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A Penny for residents' thoughts

The public offers ideas on how to spend the next decade of Penny for Pinellas funding - if the tax is renewed.

By NICOLE JOHNSON
Published September 30, 2006


PALM HARBOR - Raymond Breton wants better recreation centers.

Jim Gleason says a youth football field is needed in Palm Harbor.

Patrick Wheeler called a mid-county expressway a good idea.

Those were just some of the opinions voiced at Wednesday's public hearing about how the next 10 years of the Penny for Pinellas funding should be spent.

Voters will decide in March whether to renew the one-cent sales tax addition. Over the past few months, county officials have gone from south to north county, asking for public comment on which projects should be funded with the extension of the tax, if approved.

Wednesday's meeting, held at the Palm Harbor Community Activity Center, featured a dozen booths displaying proposed projects, from parks to drainage projects to environmental restoration. Some of the booths featured a chart that allowed people to indicate their favorite project with a sticker.

"A lot of the (recreation buildings) need work," said Breton, an avid kayaker who lives in Palm Harbor. "Like when you go into the one at Anderson Park. It looks old."

Breton, 70, placed a small green dot sticker beside a $30-million proposal to construct two multiuse sports complexes in north and mid county.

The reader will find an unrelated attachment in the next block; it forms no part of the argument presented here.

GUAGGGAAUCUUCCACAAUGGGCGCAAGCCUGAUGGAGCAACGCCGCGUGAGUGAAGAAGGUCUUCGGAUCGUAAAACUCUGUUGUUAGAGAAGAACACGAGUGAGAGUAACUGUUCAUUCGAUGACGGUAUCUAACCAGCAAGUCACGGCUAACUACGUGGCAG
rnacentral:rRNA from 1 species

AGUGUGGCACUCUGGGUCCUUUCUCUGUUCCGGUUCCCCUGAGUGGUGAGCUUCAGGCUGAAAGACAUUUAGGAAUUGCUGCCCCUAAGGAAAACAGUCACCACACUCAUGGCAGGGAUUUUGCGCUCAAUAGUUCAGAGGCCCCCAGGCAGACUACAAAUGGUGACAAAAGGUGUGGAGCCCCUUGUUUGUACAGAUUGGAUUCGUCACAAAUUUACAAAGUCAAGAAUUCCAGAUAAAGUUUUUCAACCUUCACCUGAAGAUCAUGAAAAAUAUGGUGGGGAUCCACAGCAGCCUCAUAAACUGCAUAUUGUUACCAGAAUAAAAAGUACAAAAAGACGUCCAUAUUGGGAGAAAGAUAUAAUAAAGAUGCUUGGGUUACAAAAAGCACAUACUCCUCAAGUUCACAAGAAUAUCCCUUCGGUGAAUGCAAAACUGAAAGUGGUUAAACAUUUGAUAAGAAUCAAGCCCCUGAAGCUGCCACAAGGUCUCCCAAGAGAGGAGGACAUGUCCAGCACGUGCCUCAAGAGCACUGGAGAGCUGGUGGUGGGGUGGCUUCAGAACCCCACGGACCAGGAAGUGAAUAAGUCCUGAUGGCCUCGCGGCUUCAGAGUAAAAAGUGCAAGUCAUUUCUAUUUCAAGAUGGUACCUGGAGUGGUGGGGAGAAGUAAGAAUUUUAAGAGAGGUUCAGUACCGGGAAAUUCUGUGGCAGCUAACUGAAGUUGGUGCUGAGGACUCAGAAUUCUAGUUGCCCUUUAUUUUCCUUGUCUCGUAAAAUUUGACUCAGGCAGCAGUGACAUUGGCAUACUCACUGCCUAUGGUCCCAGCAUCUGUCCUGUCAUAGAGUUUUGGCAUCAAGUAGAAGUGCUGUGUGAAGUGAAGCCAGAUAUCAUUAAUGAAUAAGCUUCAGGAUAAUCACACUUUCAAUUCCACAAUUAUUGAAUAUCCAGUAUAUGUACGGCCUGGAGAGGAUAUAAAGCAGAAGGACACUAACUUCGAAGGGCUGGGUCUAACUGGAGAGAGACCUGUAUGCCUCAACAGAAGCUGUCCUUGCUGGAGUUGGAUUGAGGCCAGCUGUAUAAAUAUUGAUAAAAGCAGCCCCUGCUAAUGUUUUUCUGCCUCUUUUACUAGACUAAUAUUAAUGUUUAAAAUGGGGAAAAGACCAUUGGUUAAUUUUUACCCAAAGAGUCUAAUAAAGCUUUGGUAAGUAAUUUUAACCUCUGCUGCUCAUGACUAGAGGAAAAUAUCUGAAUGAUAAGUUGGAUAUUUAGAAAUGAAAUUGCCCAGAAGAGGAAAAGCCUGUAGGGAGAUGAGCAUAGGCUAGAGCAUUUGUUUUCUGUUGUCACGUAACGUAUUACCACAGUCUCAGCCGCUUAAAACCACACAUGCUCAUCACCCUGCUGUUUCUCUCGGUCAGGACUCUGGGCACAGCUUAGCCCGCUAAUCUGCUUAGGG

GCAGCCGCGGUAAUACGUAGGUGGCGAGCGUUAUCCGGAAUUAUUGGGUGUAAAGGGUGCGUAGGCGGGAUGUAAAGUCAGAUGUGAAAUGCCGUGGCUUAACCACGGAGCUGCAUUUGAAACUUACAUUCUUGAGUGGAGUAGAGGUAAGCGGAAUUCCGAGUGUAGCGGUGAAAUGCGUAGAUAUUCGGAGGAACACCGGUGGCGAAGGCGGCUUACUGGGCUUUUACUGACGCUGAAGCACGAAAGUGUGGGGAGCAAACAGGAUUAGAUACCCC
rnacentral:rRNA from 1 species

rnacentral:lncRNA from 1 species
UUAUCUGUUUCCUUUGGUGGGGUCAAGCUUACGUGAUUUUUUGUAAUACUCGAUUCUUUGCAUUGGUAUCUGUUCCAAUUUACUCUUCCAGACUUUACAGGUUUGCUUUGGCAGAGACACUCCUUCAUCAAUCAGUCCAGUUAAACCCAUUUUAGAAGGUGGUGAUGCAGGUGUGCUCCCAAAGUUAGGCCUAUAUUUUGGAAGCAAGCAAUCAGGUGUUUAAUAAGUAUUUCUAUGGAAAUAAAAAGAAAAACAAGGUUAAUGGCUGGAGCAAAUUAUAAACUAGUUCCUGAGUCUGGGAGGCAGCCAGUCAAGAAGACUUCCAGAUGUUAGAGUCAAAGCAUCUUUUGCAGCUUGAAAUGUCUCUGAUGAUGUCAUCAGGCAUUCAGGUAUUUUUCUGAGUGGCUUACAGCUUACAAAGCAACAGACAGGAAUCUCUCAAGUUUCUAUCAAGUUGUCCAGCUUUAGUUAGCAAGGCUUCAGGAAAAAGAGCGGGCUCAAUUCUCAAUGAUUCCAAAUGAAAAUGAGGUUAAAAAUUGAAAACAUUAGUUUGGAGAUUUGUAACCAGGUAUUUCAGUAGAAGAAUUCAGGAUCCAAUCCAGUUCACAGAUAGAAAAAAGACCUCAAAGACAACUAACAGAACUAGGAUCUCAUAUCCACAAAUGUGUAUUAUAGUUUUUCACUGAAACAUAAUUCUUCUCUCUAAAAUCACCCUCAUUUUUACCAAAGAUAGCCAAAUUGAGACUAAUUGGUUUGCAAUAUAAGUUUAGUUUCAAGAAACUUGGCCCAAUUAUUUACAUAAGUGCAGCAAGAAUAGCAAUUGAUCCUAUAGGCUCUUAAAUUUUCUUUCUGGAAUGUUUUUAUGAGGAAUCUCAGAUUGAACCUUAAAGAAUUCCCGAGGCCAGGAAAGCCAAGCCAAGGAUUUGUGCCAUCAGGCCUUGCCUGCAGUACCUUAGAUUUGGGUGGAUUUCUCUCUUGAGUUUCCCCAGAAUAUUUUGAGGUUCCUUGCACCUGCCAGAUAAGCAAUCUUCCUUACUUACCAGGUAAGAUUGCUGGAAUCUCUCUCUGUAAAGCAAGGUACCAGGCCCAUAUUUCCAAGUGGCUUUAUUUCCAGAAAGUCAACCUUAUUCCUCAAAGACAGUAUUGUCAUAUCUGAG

Over at the transportation booth, Wheeler, a retired CIA employee, put his sticker next to a mid-county expressway project, but he complained about a $70-million project that would improve the appearance of Gulf Boulevard.

"I love the Penny for Pinellas, but if that (Gulf Boulevard) project makes it, I will drum up support to defeat it," said Wheeler, who lives in Lansbrook.

Throughout Wednesday's meeting, public comment pretty much worked that way. Residents had their favorite projects. Others considered some unnecessary.

Finding out such things was the county's goal in holding the meetings. There have been four meetings in all.

Wednesday's meeting was the last public hearing. Administrators have launched an online survey at www.pinellascounty.org/penny/survey.htm in which people can indicate which projects they think are most important.

"There are a lot of expectations and hefty price tags, and there's only so much we can do," said County Administrator Steve Spratt. "But this gives us a chance to see how important stormwater is to people versus court facilities."

Spratt said county officials will finalize the list in November.

The Penny extension would begin in 2010 and go to 2020. It would generate an estimated $1.9-billion over that decade. More than $200-million of that amount would come off the top for a jail expansion and court improvements, Spratt said. The county would take about half of what remains, and the rest would be divided among the surrounding cities.